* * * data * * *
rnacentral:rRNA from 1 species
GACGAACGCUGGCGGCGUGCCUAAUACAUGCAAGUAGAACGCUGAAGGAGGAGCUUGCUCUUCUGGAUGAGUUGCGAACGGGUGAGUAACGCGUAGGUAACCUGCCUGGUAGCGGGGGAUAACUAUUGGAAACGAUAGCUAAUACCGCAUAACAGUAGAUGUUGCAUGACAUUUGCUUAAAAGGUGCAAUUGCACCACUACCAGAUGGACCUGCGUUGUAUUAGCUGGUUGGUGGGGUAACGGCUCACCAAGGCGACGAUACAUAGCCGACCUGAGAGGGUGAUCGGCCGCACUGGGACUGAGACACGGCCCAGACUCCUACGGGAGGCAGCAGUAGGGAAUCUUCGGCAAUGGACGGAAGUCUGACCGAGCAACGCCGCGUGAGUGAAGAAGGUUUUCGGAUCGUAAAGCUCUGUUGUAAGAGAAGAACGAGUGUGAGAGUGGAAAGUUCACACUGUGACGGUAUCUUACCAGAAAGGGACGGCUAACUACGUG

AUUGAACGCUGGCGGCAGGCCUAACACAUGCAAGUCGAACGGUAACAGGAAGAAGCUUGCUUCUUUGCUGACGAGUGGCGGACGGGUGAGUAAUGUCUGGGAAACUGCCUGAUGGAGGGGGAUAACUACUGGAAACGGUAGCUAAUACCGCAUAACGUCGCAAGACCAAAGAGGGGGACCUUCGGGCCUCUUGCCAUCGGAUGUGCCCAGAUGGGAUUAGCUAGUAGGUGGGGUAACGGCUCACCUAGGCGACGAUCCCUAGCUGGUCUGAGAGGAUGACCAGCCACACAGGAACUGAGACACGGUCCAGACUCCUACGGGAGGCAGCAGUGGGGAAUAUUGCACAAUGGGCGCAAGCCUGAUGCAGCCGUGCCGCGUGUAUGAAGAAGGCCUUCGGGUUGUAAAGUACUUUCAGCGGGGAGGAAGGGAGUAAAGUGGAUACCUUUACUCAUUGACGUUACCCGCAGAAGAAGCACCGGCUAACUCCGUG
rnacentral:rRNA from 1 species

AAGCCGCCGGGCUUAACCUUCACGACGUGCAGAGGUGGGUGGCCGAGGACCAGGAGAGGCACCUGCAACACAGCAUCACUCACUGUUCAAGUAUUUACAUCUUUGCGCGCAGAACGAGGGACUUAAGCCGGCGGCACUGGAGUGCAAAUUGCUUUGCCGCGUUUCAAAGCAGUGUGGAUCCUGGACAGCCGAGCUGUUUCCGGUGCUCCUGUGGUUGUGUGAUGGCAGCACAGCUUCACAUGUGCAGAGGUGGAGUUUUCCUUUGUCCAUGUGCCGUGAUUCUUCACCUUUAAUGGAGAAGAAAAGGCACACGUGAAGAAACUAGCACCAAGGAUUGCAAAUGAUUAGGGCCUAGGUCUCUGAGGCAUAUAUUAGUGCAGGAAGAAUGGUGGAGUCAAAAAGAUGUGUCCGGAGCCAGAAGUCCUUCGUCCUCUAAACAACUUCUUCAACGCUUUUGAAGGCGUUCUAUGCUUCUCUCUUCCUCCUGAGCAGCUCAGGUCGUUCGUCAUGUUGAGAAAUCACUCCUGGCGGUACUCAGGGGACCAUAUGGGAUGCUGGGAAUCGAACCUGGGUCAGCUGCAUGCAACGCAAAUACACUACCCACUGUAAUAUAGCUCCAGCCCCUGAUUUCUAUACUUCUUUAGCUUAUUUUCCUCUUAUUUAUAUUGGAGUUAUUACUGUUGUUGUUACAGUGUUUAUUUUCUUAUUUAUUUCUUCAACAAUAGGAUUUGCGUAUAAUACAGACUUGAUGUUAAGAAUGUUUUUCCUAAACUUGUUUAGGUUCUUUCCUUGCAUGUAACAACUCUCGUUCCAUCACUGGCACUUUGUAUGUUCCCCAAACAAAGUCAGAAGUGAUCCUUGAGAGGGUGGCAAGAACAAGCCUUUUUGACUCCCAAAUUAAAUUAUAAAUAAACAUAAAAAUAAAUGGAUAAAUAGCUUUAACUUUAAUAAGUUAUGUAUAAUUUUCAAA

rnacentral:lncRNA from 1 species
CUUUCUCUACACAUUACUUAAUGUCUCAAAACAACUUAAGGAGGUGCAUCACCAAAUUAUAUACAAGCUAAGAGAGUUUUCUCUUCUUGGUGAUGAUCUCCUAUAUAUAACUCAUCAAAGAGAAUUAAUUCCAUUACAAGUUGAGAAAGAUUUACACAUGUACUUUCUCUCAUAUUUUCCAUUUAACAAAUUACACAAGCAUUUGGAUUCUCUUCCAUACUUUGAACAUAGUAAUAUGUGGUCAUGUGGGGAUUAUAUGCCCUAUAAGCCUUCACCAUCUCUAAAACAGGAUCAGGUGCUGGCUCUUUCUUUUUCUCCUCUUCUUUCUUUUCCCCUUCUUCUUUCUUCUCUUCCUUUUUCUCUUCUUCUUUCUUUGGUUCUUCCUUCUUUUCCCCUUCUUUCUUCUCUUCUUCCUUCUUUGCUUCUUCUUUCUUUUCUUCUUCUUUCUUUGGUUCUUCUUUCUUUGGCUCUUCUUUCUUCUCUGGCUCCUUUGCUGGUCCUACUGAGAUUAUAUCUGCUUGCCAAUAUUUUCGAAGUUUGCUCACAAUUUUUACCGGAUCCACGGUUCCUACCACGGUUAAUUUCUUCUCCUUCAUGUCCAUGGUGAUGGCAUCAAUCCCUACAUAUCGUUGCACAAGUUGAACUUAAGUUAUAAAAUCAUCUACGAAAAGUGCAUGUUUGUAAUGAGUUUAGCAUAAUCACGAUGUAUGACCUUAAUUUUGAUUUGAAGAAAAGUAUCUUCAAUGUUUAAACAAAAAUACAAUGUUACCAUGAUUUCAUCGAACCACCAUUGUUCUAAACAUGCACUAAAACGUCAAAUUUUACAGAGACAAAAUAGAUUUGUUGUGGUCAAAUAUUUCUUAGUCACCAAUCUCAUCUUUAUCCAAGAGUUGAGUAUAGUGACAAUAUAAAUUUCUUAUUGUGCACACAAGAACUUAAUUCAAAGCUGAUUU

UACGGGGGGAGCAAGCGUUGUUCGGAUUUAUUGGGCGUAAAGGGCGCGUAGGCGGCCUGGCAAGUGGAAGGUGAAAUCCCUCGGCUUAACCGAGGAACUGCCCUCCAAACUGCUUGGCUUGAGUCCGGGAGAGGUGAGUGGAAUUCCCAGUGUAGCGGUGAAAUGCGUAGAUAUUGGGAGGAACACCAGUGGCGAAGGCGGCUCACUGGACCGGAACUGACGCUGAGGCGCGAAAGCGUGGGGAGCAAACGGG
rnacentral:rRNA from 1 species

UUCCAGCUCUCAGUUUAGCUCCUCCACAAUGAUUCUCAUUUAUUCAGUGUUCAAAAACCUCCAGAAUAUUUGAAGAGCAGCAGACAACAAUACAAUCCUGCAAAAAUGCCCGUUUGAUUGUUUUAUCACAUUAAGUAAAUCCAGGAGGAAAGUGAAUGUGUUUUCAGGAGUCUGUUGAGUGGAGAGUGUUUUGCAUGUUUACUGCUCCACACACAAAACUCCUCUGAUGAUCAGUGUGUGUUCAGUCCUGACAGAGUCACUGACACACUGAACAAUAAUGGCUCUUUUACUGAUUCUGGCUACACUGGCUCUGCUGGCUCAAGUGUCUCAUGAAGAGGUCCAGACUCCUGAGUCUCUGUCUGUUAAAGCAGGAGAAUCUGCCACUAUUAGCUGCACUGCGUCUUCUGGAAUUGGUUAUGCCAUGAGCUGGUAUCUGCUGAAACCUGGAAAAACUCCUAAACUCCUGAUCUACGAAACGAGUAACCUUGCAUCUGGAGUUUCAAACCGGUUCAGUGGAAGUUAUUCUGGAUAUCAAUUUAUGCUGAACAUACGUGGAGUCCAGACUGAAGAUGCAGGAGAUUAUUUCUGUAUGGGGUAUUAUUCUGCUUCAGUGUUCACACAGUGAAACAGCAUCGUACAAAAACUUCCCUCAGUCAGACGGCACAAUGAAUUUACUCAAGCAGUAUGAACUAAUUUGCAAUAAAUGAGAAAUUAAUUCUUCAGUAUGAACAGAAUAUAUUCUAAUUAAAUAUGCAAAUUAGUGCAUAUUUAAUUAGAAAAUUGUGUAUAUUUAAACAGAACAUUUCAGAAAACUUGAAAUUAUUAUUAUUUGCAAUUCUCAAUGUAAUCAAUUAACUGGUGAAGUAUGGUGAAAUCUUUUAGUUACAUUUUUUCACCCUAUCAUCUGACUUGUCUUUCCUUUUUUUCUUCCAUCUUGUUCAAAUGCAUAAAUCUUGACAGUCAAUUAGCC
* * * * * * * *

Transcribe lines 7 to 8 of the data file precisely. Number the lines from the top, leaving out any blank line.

CUUUCUCUACACAUUACUUAAUGUCUCAAAACAACUUAAGGAGGUGCAUCACCAAAUUAUAUACAAGCUAAGAGAGUUUUCUCUUCUUGGUGAUGAUCUCCUAUAUAUAACUCAUCAAAGAGAAUUAAUUCCAUUACAAGUUGAGAAAGAUUUACACAUGUACUUUCUCUCAUAUUUUCCAUUUAACAAAUUACACAAGCAUUUGGAUUCUCUUCCAUACUUUGAACAUAGUAAUAUGUGGUCAUGUGGGGAUUAUAUGCCCUAUAAGCCUUCACCAUCUCUAAAACAGGAUCAGGUGCUGGCUCUUUCUUUUUCUCCUCUUCUUUCUUUUCCCCUUCUUCUUUCUUCUCUUCCUUUUUCUCUUCUUCUUUCUUUGGUUCUUCCUUCUUUUCCCCUUCUUUCUUCUCUUCUUCCUUCUUUGCUUCUUCUUUCUUUUCUUCUUCUUUCUUUGGUUCUUCUUUCUUUGGCUCUUCUUUCUUCUCUGGCUCCUUUGCUGGUCCUACUGAGAUUAUAUCUGCUUGCCAAUAUUUUCGAAGUUUGCUCACAAUUUUUACCGGAUCCACGGUUCCUACCACGGUUAAUUUCUUCUCCUUCAUGUCCAUGGUGAUGGCAUCAAUCCCUACAUAUCGUUGCACAAGUUGAACUUAAGUUAUAAAAUCAUCUACGAAAAGUGCAUGUUUGUAAUGAGUUUAGCAUAAUCACGAUGUAUGACCUUAAUUUUGAUUUGAAGAAAAGUAUCUUCAAUGUUUAAACAAAAAUACAAUGUUACCAUGAUUUCAUCGAACCACCAUUGUUCUAAACAUGCACUAAAACGUCAAAUUUUACAGAGACAAAAUAGAUUUGUUGUGGUCAAAUAUUUCUUAGUCACCAAUCUCAUCUUUAUCCAAGAGUUGAGUAUAGUGACAAUAUAAAUUUCUUAUUGUGCACACAAGAACUUAAUUCAAAGCUGAUUU

UACGGGGGGAGCAAGCGUUGUUCGGAUUUAUUGGGCGUAAAGGGCGCGUAGGCGGCCUGGCAAGUGGAAGGUGAAAUCCCUCGGCUUAACCGAGGAACUGCCCUCCAAACUGCUUGGCUUGAGUCCGGGAGAGGUGAGUGGAAUUCCCAGUGUAGCGGUGAAAUGCGUAGAUAUUGGGAGGAACACCAGUGGCGAAGGCGGCUCACUGGACCGGAACUGACGCUGAGGCGCGAAAGCGUGGGGAGCAAACGGG